Training USC’s Non-formal Educators
June 28, 2006
By Courtney Clark, Program Officer
LEAD Trainers practice their facilitation skills
We all have them: stories of great teachers who inspired us to open our minds and explore our potential. Who was yours? It may have been your kindergarten teacher, a biology teacher, or a professor. Whoever it was, you’ll know what I mean when I say that good teachers make all the difference in the world.
They are critical to good education, and it’s why, half a world away in rural Bangladesh, USC puts such an emphasis on training facilitators for its non-formal education program: Life Skills and Education for Adolescent Development (LEAD).
Helping Young People
Education initiatives aimed at youth are few and far between, one of the main reasons that USC’s work there is focused on adolescents. LEAD helps fill that void by offering a mix of basic education and life skills training to more than 50,000 adolescents girls, many of whom have never attended school before.
For that reason, LEAD Facilitators face a major challenge to engage students, and USC has invested in their training to ensure they are ready. When I visited Bangladesh in May, I was able to attend a facilitators training session and meet some of the inspiring young women who will teach the LEAD curriculum.
The facilitators, like all good teachers, will play a central role in students’ lives. By offering a basic education and teaching them about their rights, reproductive health, and nutrition, the teachers can transform lives. Students will consider possibilities for the future never open to them before.
Facilitators Engage with the Communities
The facilitator training lasts six days and is carried out in communities across the country by USC’s staff in Bangladesh. Participants review the LEAD curriculum, learn the teaching methodology, and practice their facilitation skills. They also learn about going out into communities to find students who could benefit from a LEAD education.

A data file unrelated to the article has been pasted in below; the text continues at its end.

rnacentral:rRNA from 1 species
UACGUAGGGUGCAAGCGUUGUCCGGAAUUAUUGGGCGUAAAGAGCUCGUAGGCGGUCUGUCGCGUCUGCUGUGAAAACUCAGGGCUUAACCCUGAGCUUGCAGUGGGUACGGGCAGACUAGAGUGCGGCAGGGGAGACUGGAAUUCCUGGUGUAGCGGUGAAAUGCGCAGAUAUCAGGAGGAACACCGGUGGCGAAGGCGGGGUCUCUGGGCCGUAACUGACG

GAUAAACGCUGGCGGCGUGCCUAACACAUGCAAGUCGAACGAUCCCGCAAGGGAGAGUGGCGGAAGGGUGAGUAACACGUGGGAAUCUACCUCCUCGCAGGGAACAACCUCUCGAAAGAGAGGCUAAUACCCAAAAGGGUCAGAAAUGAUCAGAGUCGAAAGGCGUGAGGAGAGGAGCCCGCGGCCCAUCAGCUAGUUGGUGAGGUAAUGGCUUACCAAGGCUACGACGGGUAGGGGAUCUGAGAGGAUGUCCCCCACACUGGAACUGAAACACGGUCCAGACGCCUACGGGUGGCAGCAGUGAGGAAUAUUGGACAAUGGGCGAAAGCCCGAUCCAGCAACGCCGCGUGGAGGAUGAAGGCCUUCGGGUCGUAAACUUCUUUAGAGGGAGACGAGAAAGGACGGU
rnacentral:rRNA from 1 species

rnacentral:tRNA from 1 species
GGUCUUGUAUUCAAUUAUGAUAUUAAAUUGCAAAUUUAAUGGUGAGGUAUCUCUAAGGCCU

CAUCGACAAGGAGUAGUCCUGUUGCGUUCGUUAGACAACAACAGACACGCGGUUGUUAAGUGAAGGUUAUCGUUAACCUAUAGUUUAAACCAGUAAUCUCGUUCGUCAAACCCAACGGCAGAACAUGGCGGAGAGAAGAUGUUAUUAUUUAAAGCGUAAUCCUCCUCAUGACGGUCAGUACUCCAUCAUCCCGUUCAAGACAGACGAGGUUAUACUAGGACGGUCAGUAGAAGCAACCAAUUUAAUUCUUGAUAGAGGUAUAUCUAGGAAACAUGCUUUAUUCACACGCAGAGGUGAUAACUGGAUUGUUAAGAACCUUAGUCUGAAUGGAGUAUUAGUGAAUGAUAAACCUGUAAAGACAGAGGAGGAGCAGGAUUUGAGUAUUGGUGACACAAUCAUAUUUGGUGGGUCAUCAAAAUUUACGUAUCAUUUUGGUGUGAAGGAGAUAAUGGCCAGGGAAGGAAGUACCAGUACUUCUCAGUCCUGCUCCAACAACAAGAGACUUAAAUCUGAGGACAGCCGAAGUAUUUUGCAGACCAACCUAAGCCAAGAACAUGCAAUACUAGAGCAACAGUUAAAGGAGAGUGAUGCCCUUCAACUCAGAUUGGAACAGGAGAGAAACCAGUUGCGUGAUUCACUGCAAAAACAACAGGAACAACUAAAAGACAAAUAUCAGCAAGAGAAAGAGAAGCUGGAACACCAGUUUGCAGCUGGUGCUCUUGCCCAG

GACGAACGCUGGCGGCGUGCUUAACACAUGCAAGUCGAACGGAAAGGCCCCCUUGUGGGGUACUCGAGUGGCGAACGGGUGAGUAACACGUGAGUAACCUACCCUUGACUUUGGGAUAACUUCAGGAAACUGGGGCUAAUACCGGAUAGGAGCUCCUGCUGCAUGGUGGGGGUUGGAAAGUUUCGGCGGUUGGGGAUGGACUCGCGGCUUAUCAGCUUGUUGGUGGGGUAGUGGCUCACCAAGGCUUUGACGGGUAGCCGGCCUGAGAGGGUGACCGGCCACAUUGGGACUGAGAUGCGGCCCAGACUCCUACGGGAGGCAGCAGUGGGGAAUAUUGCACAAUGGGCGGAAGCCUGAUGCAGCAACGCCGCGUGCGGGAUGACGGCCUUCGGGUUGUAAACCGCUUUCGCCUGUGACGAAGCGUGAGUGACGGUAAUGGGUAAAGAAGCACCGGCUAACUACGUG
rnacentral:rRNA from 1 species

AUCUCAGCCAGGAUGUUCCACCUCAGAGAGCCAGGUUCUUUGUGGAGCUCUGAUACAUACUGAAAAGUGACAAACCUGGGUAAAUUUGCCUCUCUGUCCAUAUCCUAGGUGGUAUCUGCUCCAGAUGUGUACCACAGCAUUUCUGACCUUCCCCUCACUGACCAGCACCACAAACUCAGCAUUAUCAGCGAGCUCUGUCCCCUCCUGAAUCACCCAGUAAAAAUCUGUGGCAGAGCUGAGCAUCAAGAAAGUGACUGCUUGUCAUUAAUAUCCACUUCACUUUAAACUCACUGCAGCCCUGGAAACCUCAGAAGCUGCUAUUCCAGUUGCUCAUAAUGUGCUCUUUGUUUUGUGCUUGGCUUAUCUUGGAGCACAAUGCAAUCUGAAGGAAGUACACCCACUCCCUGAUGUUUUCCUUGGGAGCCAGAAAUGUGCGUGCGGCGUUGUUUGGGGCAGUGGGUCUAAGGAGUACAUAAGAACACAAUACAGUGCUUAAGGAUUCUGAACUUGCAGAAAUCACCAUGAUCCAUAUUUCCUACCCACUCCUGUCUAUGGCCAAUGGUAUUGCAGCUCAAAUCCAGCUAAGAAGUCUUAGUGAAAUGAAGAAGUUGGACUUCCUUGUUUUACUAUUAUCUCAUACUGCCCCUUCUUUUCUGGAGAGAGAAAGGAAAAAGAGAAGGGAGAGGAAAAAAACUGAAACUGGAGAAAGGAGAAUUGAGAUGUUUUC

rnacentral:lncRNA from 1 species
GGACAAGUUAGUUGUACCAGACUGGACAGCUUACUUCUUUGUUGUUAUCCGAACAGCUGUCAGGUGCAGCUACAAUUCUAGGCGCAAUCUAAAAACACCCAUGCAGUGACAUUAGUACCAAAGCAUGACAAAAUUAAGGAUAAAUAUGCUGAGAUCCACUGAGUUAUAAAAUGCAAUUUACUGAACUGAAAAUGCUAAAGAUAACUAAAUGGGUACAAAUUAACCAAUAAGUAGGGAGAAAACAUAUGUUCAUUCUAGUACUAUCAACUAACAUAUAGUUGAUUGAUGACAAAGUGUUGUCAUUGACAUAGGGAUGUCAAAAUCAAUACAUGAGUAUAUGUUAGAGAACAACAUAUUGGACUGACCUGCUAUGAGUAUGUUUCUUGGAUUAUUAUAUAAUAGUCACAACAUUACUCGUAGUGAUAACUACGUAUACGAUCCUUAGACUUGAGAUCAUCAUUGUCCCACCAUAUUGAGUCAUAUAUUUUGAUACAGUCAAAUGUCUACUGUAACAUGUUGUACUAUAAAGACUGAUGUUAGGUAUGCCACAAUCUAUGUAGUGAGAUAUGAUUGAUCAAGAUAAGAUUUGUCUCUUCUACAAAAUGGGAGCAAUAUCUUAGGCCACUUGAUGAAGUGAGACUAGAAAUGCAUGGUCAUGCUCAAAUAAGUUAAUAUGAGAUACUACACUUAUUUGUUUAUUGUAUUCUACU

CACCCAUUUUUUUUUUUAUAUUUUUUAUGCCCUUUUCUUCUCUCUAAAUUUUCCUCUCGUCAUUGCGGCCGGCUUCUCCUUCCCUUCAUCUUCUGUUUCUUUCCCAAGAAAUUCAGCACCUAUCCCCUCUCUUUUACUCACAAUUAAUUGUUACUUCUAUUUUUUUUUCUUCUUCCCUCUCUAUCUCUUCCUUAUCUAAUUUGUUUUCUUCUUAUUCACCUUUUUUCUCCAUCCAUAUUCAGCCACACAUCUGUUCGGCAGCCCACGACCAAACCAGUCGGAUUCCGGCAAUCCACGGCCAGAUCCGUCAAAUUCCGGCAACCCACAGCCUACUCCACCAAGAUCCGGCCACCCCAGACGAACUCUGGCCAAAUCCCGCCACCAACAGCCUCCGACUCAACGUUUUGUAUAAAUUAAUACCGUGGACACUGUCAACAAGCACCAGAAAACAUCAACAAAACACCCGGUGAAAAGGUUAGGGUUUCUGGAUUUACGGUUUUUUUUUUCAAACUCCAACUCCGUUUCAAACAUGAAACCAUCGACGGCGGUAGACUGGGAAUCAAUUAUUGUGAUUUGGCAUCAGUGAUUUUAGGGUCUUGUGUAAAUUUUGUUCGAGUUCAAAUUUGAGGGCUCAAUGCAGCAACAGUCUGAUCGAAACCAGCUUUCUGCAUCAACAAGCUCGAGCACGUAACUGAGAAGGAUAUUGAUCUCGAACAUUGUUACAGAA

The facilitator class I visited was coming to the end of its training. One of the participants told me, “We’re ready to change the lives of these young people, to help them build futures for themselves.” When I asked how they would do this, they were eager to show me.
They set up a mock classroom – all the participants sat in a circle on the floor and they proceeded to take turns facilitating lessons. The lesson I saw was engaging – it wasn’t a lecture but rather an interactive learning session. It started with a story about marriage and the payment of a dowry. This was followed by a lively class discussion about the story and the broader issues surrounding dowry and marriage.
Facilitators perform as part of a lesson on dowry and marriage.
During the lesson, participants developed a wonderful skit and a song about the issue, which they performed later that evening. I was so impressed with the facilitators’ abilities that I left that performance wishing they had been my teachers.
Having completed a degree in teaching myself, I immediately recognized many of the facilitation techniques they were learning and using. They started lessons with a story – both to engage the learners and to introduce an issue that is important to the students. They created a classroom environment that was relaxed, open and respectful. They incorporated drama and song to engage students in different ways and allow them to demonstrate their learning in different forms. They knew how to make the classroom a truly dynamic place.
They have the skills and knowledge that will make them good facilitators, but more importantly, it’s their enthusiasm and vision of a better future that will make them truly great teachers. I have no doubt that years from now many of their students will tell inspirational stories about their favourite LEAD teachers.